When I think about atmospheric music, I picture lots of instrumentation and layered tracks. I don’t picture a guy and a guitar. Gregory Alan Isakov has somehow merged the world of a singer/songwriter with moody ethereal music in a way that defies logic. My wife and I had a chance to sit down with Gregory and talk about his music and process and he let us in to how he creates other worlds for his listeners. I asked Gregory how we created the moody atmosphere of his music (which you can see below in his live rendition of “Amsterdam”).
“Our home studio is in this renovated barn space and we collect old tape delays,” Gregory explained. “We have an old Juno Synth. A lot of the songs we do live. I spend a lot of time creating that mood. I spend more time on that than anything else.”
Gregory discussed how he considers himself more of a writer than a musician and how the words drive his process. He spends lots of time creating the feeling.
“I consider myself more of a writer than a musician. When you’re working with words it’s always coming from this otherworldly place. Bringing the music to add that elusive feeling from when you’re in that other world writing is really difficult,” Gregory said.
He also explained how he ended up working with the Colorado Symphony Orchestra. He’d always wanted to play with an orchestra. Tom Hagerman from Devotchka and Jay Clifford from Jump, Little Children wrote the scores. Gregory had already wanted to work with an orchestra over a long time. They shopped the scores around to find a symphony. He eventually found the Colorado Symphony Orchestra after a year. After recording the live show, he decided he liked the practice more.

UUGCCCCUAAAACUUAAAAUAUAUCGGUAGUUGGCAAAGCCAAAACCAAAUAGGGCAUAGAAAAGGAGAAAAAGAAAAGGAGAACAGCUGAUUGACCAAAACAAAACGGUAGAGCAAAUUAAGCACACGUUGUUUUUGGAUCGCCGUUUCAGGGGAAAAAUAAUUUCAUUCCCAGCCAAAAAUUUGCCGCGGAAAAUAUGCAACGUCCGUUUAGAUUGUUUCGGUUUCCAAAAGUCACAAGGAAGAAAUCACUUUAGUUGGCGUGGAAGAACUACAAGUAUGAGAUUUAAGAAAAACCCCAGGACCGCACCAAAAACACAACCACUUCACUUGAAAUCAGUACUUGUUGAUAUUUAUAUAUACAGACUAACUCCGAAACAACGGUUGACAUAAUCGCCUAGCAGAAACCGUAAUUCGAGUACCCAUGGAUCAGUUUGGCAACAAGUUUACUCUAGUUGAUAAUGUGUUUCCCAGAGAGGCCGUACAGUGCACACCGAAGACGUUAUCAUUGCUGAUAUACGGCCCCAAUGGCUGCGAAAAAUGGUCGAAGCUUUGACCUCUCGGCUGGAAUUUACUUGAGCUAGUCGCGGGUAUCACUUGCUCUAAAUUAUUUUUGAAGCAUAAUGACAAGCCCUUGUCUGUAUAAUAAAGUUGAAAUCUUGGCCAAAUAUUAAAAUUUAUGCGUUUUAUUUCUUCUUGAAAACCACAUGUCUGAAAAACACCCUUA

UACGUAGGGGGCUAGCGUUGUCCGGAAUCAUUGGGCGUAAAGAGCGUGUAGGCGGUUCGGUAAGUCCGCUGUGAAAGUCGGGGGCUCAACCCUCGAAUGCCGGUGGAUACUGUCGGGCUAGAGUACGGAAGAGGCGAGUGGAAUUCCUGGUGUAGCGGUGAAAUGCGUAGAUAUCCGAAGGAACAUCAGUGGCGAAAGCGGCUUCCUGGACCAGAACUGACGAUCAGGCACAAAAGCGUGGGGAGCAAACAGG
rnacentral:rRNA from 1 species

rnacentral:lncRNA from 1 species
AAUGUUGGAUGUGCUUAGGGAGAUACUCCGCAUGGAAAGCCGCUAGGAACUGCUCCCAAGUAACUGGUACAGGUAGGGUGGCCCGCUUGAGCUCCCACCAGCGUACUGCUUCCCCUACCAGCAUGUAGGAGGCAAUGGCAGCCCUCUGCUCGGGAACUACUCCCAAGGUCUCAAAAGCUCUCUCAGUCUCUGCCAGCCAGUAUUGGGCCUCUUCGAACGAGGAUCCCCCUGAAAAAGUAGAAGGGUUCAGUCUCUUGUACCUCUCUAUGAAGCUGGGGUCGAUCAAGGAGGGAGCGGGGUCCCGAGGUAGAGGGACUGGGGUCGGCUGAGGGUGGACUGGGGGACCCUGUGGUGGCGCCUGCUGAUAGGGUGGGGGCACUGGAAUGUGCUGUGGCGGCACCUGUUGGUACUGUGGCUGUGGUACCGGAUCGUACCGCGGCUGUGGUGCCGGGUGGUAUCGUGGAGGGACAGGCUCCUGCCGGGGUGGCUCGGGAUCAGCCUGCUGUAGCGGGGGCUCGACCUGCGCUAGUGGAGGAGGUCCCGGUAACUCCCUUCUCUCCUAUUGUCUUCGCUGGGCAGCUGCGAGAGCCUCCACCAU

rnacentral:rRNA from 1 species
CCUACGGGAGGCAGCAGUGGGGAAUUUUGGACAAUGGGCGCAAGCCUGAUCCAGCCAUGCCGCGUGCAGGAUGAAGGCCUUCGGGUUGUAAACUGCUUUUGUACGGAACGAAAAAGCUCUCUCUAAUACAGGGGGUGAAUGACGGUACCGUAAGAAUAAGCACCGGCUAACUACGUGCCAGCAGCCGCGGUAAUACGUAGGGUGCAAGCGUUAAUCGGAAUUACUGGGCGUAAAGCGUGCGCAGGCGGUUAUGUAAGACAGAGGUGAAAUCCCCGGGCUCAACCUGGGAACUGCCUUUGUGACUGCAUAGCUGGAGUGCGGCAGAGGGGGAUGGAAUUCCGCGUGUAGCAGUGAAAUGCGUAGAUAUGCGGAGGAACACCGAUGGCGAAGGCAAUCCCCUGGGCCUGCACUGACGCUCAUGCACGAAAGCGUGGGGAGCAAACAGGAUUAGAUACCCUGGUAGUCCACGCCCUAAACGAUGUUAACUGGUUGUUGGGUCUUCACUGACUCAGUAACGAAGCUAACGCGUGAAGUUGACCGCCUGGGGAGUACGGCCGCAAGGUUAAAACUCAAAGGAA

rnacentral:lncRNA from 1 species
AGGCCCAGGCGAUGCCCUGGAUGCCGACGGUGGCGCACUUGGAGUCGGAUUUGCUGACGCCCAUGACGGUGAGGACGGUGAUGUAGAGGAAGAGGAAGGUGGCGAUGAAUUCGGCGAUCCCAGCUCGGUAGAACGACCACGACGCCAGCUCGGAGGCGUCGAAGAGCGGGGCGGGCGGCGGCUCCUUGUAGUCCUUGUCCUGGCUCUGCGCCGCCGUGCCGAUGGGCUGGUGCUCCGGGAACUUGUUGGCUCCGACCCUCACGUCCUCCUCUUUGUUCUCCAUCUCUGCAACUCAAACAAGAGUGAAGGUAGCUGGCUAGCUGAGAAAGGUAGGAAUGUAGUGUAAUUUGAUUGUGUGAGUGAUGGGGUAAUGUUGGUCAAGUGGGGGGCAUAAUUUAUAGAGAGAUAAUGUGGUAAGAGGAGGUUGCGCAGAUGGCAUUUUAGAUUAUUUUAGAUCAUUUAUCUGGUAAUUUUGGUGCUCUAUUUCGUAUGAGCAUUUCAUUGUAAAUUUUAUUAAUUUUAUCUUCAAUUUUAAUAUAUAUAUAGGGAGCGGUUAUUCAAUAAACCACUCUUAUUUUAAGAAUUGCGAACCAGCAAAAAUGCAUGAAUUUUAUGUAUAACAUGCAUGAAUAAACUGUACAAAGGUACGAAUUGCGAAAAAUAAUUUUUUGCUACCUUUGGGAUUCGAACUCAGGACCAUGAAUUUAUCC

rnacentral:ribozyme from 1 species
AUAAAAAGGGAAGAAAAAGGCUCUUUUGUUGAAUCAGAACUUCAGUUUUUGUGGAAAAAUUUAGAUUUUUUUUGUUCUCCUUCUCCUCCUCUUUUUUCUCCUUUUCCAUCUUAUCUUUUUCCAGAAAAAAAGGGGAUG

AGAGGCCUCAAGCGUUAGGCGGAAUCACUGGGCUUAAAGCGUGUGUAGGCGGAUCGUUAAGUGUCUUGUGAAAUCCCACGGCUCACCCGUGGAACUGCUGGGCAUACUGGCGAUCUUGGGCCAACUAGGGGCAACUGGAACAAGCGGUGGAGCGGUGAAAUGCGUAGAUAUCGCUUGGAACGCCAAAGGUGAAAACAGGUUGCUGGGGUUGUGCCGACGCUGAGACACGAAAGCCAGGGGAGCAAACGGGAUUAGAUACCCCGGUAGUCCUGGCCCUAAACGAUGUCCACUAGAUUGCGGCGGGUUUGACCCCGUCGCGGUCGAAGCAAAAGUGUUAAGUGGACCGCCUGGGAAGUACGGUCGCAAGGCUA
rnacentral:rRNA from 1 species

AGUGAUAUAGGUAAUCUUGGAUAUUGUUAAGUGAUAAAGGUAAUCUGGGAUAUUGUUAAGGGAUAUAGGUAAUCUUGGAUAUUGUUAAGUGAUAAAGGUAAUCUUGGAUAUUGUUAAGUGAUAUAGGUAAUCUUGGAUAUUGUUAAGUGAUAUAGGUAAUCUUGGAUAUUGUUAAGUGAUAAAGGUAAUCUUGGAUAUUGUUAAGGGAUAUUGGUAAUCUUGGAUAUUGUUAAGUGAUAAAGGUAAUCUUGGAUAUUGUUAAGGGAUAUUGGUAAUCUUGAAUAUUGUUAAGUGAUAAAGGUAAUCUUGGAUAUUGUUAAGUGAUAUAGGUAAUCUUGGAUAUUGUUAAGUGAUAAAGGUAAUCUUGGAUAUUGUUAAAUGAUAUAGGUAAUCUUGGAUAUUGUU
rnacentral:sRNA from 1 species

“Would you guys mind recording it live in front of nobody?” Gregory asked the Colorado Symphony Orchestra and they all did it.
Gregory explained his process as opening up songs and living with them. He likes to keep them inside his life and in front of his eyes.
“I use giant post-it notes. I’ve always done that and those spiral notebooks. I really don’t like turning pages. They’re everywhere. Even when you’re making coffee you’re starting at them. They’re in your life.”
Gregory describes how the music immediately comes back when they’re surrounding him up on the wall. The songs allow Gregory to inhabit them as he’s going through the process.
Gregory described the connection between writing and performing a song and the connected emotions: “I wrote one new song at the end of our driveway one evening. Every time I play that song I’m at the end of our driveway. If I can put myself into the place where I wrote it, then all of the words seem to come.”
I can still remember the first time I heard Gregory’s song “Second Chances” and how it transported me to a new place. Here’s another moving performance from Gregory Alan Isakov’s song “Time Will Tell” at Newport Folk Festival 2019:
All photos by Suzanne Davis McMahon.
About the author: Jeff is a teacher in the Boston area. When not buried correcting papers, Jeff can be found plucking various stringed instruments and listening to all types of americana music.